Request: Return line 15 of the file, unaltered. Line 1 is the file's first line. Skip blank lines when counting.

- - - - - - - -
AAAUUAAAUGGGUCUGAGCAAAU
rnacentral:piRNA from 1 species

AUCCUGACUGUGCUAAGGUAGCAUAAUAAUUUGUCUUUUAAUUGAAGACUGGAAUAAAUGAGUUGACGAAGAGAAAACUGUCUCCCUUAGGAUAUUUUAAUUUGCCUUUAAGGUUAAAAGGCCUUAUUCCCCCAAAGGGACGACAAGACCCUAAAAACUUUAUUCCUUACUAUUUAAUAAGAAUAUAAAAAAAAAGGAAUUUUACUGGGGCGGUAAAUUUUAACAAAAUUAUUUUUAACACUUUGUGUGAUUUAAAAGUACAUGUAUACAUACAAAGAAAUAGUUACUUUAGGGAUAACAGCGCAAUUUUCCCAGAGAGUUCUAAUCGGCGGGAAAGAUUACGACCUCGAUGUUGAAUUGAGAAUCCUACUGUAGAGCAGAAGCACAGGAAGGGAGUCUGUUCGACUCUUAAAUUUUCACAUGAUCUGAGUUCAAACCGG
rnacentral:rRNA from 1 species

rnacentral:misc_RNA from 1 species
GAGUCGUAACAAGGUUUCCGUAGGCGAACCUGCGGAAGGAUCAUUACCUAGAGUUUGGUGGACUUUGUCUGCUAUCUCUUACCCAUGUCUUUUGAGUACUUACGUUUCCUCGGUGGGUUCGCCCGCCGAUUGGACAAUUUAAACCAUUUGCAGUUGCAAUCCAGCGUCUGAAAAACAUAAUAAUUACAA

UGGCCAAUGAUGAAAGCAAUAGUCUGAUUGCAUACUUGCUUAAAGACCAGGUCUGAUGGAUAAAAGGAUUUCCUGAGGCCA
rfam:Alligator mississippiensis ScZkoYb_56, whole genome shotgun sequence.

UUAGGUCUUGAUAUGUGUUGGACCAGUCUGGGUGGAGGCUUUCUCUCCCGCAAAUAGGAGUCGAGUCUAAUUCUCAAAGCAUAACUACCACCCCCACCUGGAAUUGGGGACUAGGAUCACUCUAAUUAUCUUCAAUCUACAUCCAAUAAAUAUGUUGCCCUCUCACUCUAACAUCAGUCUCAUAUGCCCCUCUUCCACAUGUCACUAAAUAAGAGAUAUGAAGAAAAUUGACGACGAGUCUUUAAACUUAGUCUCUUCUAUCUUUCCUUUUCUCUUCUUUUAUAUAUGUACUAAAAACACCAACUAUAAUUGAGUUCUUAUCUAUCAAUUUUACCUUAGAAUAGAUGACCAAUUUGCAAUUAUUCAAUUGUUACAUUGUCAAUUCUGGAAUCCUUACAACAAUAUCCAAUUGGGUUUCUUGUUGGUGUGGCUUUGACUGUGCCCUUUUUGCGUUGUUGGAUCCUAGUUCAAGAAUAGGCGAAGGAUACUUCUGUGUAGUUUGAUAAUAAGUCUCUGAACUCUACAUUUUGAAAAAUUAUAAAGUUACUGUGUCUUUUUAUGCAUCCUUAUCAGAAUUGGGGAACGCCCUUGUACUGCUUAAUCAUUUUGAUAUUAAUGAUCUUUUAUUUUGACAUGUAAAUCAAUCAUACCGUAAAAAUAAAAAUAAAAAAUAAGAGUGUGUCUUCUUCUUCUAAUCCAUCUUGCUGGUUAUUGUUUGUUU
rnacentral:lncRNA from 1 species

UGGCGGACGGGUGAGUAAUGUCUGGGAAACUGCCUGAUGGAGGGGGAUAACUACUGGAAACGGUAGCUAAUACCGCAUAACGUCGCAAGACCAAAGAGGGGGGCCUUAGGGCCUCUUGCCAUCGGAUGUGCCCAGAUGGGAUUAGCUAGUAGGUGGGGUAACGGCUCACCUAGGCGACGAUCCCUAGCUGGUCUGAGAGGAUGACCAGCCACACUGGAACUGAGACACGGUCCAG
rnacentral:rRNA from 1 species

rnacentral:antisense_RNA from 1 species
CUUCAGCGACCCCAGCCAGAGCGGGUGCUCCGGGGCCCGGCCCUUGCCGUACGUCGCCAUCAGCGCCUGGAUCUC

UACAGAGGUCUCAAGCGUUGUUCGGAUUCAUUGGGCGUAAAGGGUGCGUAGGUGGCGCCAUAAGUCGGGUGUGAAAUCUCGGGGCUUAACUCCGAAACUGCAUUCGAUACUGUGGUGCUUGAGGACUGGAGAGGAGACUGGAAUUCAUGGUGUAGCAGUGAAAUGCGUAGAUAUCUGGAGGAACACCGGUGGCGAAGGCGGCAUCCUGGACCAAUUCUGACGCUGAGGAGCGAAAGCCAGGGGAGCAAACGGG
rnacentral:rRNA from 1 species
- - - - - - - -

UACAGAGGUCUCAAGCGUUGUUCGGAUUCAUUGGGCGUAAAGGGUGCGUAGGUGGCGCCAUAAGUCGGGUGUGAAAUCUCGGGGCUUAACUCCGAAACUGCAUUCGAUACUGUGGUGCUUGAGGACUGGAGAGGAGACUGGAAUUCAUGGUGUAGCAGUGAAAUGCGUAGAUAUCUGGAGGAACACCGGUGGCGAAGGCGGCAUCCUGGACCAAUUCUGACGCUGAGGAGCGAAAGCCAGGGGAGCAAACGGG